The art of Temple Koludra aims at the creation of a connection, a gateway for the marriage of the artificially polished modern spirit and the raw, chaotic current of the primordial creative consciousness that rests in all things and can never be fully erased - the lost archetype, the liberating beast with many names. The break with habitual and learned structures and the search for authenticity and clarity characterise this path. So this album offers seven aural compositions. They are the sirens howling in different directions in reverence to the lost archetype.
The Trimūrti concept, for example, is a fundamental principle, or let’s just say the Hindu translation of it. To understand birth, life and death and to experience existence as a dynamic process, something which isn't static, linear or separated, but a perpetual flow instead, including all cruelty of death and destruction, but also joy and bloom, endless ejaculation of creativity and birth. We all have to come to terms with the fact that everything we value, everything we love, will inevitably be destroyed. And in a way, this is an initiation to understand and experience the above-mentioned topics and also the songs you have mentioned.
I don't want to go deeper into the details. Everyone can experience and interpret by listening to the music and lyrics. And maybe for some individuals, it will open doors to a deeper quest.
How was it that you first came to find an interest in Indian spirituals?
- As I mentioned before, I feel connected to the East, although you can find very repulsive and frightening things there which are obviously based on insane religious beliefs. For example, this delusion about impure and pure things. I refuse that totally because it contradicts fundamentally to my views.
But the vamachara or tantrik aspects from this corner of the world are a source of nourishment, so to speak, for unorthodox and undogmatic minds. There is also an interest in Tibetan Buddhism, which, as is generally known, melted with the old Tibetan shamanism ‘Bön’. In some cultures, you still find this interface to the origin and knowledge intact. In European or Western culture, as a result of its development, nearly all of this was destroyed, therefore it becomes necessary to search for the roots, for parts of this deeply human knowledge that is still alive. I travelled to Nepal and Northern India, for example, to breathe and experience shmashanas, sacrificial ceremonies and pujas. To develop more of an understanding and dive deeper into that world is one of my main goals.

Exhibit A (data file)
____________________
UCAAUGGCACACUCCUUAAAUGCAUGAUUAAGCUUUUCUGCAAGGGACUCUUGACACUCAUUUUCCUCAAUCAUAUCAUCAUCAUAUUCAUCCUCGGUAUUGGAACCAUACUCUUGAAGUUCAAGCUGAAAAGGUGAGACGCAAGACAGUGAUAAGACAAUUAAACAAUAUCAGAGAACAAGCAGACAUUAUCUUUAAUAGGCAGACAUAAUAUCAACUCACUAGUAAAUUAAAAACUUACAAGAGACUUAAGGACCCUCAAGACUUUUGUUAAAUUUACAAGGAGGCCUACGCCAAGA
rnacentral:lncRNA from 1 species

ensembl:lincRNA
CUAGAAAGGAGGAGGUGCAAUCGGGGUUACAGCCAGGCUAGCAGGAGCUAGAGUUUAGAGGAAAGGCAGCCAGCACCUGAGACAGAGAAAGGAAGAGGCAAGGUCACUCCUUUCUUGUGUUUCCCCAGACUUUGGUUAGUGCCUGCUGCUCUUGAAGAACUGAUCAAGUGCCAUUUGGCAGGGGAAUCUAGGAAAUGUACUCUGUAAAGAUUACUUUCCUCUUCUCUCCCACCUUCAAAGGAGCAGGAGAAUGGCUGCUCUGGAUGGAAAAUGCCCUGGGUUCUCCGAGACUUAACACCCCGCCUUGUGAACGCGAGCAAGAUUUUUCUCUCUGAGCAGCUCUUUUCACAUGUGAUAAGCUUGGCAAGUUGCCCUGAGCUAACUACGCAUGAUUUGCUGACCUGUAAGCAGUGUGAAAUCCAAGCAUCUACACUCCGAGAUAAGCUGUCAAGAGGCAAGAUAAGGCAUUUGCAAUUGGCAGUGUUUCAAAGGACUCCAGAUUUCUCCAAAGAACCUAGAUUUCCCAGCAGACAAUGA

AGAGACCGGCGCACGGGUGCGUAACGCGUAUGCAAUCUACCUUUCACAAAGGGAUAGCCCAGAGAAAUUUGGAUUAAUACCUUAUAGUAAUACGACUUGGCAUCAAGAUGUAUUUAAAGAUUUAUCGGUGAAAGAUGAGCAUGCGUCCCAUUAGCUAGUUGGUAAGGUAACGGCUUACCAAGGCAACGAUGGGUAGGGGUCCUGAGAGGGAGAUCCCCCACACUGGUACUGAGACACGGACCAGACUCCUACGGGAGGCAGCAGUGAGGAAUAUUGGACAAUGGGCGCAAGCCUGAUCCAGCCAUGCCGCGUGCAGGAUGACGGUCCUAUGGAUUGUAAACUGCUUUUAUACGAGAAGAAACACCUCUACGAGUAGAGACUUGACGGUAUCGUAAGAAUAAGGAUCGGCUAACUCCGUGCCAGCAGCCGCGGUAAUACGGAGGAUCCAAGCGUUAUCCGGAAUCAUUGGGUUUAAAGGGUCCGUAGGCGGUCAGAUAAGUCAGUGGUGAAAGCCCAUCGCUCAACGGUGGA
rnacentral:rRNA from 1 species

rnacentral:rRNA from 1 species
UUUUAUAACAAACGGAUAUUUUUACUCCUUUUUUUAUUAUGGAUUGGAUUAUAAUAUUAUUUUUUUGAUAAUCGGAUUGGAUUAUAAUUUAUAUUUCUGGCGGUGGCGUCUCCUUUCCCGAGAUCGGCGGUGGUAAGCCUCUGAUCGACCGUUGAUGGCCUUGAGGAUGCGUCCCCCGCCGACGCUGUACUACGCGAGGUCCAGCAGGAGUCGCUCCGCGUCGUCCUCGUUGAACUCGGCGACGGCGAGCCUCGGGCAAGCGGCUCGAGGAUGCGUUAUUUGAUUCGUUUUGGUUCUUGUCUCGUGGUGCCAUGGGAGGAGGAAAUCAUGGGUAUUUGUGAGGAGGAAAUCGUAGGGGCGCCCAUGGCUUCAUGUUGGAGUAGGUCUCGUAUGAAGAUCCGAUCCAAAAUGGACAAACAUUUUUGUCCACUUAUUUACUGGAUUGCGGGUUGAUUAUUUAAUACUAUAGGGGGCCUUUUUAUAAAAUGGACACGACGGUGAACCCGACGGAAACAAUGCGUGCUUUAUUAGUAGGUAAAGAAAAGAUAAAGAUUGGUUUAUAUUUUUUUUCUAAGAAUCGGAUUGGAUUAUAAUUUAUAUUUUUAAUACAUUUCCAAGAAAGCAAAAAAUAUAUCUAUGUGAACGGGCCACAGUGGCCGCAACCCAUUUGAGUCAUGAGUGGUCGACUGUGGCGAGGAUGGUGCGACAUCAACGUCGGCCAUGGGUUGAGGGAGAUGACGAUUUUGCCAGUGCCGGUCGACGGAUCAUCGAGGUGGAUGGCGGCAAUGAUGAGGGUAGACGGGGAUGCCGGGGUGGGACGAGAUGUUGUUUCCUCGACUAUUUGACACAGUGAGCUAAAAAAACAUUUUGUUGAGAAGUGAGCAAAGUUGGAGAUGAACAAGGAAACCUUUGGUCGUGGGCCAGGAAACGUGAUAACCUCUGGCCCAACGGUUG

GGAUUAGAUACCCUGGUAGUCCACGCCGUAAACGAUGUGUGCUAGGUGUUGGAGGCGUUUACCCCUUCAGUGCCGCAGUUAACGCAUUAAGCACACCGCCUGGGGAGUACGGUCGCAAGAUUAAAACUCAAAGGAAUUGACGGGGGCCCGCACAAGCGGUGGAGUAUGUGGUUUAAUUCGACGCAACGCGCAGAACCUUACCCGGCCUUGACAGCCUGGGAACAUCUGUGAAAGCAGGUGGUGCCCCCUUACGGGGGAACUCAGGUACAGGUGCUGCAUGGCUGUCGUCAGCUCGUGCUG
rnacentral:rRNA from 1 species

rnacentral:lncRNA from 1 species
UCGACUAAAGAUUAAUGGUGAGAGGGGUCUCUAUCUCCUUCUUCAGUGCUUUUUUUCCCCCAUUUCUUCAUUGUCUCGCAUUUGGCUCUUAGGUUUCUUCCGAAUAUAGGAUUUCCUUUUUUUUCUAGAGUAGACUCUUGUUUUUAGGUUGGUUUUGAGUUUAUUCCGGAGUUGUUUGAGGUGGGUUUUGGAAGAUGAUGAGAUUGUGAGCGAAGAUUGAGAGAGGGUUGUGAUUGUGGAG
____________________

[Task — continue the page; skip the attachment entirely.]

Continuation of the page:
I’m curious as to your thoughts regarding the prominent rise in popularity of the “new age” usage of traditional Hindu and Buddhist phrases, symbols and, albeit simplified and commoditised, practices in the Western world today?
- The Asian spiritual world of ideas and culture is extremely complex as well as very contradictory. Buddha sculptures have become some kind of a fashion and furnishing item here in the West, which, of course, pisses a lot of people in Asia off. I can understand that well. Many Westerners simplify it or pick up something for fitting into their own concepts. There is nothing really wrong about it because that's a normal process. Ideas that are especially interesting to me are more the unorthodox and sinister ways. It’s not necessarily just about wellness and well-being. Of course, mental and physical health are basic and the Indian culture has a lot of tools in its repertoire. That's very positive and attractive.
But I truly reject these new age/neo-theosophist assholes as well. Simply for the reason that usually these individuals’ worldview is built upon lies and self-deception. The very thought of it makes me angry. It's not that I'm permanently aggressive or angry though *laughs*. With open eyes for different world views, I can somehow empathise and understand why someone has opted for one or the other. But every view or belief system seems to be based on the repression of certain things. Therefore, for me, only one view of the world comes into question that accepts the broad spectrum of human sentiments without discrimination, weighting or judgment. After all, all human aspects and emotions have equal value. Of course, I also realise that feelings depend on opinions, so sometimes you should not judge them. For example, hate is often based on ignorance, even stupidity or manipulation. The important question is: Why are you feeling this, and is it worth it?
There is something violent there, which you can also experience from the music of Temple Koludra, and I see that as absolutely natural, it contributes to the balance, there’s no need to deny it. There are plenty of so-called spiritual new age people, mostly humourless or adhering to a light-and-love-wellness-fantasy and repressing the destructive spectrum vehemently or connoting it negatively. Of course, it breaks out of them again and again and then really ugly habits come to light that disgust me. But I’m even more disgusted by their arrogance to deny it all the time, not to forget the fake moral supremacy of these idiots. I don't want to glorify violence, but it and the cruelty associated with it is just part of reality. I'm looking for answers, why this phenomenon exists at all. Of course, you can quickly have explanations ready and also do socio-scientific reconstructions, since at least violence develops and intensifies in interpersonal relations. But the very fact that this destructive energy or power is still in the universe, It's fascinating and at the same time absolutely disturbing. This is clearly a theological question that goes far beyond anything. And that's why I reflect and express with this kind of art/music!